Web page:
Orestes Lewis Meadows was born, probably in Woodford, on December 14th 1864. Most of what we know of him comes from the notes left by his youngest son, Edwin Henry, who was clearly very proud of his father. His family must have lived near the River Roding as he swam there regularly as a boy.
Evidently Orestes had scarlet fever when he was 15 and whilst convalescing he made a beautiful model of The Royal Lodge, Leytonstone. It seems that his family had lived at the former royal hunting lodge before they moved to West Ham. A self-portrait of James Meadows, Orestes’ grandfather, which hung in the hall of the lodge is still in the family’s possession and the young Orestes made a miniature version to hang in the hall of the model.
On August 29th 1892 Orestes married Flora Edith Coules. She was his first cousin – his mother’s sister’s daughter – and was born in Acton on November 8th 1868. They had seven children: Dora (24 Sept 1893); John Lewis (11 Sept 1894); Jesse Edith Gwendoline (16 Aug 1896); Violet Hilda (8 May 1899); Stanley Arthur (31 Dec 1901); Margaret Helen (25 Dec 1903) and Edwin Henry (16 Nov 1906). Three of the children died in infancy: John Lewis (4), Margaret Helen (3) and Stanley Arthur (8 months).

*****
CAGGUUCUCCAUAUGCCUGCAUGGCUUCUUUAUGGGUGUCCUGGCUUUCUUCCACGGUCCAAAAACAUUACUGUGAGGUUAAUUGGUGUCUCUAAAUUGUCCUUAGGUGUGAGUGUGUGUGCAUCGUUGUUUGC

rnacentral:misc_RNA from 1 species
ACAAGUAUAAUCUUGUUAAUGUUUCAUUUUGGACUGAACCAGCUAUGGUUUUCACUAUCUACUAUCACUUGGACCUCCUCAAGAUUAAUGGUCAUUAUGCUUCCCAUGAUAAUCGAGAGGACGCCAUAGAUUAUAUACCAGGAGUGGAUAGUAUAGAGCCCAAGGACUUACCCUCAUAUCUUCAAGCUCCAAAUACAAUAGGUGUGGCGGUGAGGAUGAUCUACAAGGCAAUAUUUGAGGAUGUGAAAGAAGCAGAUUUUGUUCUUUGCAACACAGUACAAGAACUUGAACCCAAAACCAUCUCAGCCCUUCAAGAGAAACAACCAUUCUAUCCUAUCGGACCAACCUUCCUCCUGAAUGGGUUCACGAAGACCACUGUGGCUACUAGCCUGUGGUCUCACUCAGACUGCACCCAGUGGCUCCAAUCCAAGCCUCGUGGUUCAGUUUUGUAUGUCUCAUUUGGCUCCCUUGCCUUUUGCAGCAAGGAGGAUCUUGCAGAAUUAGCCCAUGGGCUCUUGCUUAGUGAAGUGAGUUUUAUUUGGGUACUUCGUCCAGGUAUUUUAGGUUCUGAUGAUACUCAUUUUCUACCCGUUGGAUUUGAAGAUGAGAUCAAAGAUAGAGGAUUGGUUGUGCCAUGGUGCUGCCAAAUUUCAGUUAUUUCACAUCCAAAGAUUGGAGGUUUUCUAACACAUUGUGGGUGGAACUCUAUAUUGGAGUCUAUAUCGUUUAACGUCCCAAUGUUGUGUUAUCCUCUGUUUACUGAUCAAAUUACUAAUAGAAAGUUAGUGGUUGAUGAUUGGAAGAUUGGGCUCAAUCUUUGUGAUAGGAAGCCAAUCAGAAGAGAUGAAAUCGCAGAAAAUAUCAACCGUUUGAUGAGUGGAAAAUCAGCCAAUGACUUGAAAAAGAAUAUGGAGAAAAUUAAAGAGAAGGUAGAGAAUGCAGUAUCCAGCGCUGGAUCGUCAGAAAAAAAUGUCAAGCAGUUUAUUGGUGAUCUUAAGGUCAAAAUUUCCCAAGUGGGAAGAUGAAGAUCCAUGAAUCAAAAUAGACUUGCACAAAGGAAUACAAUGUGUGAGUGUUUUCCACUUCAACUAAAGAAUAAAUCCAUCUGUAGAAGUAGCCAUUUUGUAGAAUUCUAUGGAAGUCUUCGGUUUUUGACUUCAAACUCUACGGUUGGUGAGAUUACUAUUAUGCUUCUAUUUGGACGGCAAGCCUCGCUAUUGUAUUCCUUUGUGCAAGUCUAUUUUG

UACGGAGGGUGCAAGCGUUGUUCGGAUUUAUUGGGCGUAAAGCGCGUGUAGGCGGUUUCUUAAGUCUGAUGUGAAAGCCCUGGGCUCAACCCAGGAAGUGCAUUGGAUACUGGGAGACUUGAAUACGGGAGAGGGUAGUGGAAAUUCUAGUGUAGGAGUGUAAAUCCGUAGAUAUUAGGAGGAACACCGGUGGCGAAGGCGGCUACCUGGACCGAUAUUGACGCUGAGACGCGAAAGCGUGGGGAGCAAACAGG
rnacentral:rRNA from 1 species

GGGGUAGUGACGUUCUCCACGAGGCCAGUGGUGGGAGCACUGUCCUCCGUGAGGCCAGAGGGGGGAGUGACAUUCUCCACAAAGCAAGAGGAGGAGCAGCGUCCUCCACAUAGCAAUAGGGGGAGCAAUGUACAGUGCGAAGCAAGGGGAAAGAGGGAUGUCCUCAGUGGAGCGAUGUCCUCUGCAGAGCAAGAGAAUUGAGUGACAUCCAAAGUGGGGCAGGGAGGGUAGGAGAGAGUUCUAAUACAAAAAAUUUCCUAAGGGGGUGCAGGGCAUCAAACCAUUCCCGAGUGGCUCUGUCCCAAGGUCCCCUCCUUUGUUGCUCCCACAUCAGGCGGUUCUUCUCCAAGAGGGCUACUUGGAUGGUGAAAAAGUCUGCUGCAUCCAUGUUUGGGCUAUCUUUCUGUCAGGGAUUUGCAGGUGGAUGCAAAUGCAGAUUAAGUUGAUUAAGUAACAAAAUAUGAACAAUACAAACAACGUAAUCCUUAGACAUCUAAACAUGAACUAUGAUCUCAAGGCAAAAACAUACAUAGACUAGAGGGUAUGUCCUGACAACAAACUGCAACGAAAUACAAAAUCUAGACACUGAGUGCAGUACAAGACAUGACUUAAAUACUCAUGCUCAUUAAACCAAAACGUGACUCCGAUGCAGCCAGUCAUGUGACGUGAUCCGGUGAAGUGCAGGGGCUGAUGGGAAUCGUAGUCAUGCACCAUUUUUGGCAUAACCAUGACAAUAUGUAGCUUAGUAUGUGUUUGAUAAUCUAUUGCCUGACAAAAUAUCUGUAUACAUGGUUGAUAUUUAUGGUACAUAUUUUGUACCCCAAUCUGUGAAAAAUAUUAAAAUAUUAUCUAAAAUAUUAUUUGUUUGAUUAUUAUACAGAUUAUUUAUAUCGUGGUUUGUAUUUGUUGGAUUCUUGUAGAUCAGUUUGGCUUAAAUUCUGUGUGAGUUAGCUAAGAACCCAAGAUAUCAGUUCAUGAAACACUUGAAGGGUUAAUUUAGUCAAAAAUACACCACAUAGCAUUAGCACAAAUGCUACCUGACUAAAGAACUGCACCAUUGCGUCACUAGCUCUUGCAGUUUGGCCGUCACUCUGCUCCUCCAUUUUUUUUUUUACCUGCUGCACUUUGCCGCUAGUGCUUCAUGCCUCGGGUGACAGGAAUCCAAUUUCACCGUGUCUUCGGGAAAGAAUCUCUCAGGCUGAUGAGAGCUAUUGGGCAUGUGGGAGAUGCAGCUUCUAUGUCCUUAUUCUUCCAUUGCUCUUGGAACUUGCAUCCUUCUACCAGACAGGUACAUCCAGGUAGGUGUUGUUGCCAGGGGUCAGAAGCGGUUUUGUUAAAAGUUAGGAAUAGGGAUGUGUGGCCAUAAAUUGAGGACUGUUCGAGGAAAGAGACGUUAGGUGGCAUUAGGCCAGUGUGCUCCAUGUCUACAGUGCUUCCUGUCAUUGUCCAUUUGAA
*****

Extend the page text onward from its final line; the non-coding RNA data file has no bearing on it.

Dora married William Anderson Baillie in Bexley on April 17th 1920. Hilda married James Hossack in Ipswich in December 1934. Their son Grant became a celebrated musical director and composer.
Orestes, known as Orey, was for many years manager of Pimm’s Restaurant in Poultry, where he had a hand in the creation of Pimm’s No. 1 Cup.
The family lived at Brookside, Hartford Road, Bexley until 1922 when they moved to Beech, nr Alton, Hants. Orestes was reckoned to be a very good cook and he was a prolific photographer at a time when that required a working knowledge of chemistry. Unfortunately, after his death, Edith destroyed all his photographs. He was a keen motorist, maintaining his cars at home and delighting in ‘tearing’ around the countryside. He also collected stamps and bird’s eggs; he was a skilled gardener, and he played the flute. It seems that chest damage incurred in a old bicycle accident contributed to pleurisy in later life and his final years were not very comfortable.
A month before his death when the 1939 Register was taken Orestes was living at Bankside in Beech with Flora, Gwen and Edwin Henry. He suffered a painful death from ‘lung trouble’ on October 27th 1939. Edith survived until 1954 when she died aged 86 at Leigh-on-Sea in the presence of her eldest daughter Dora.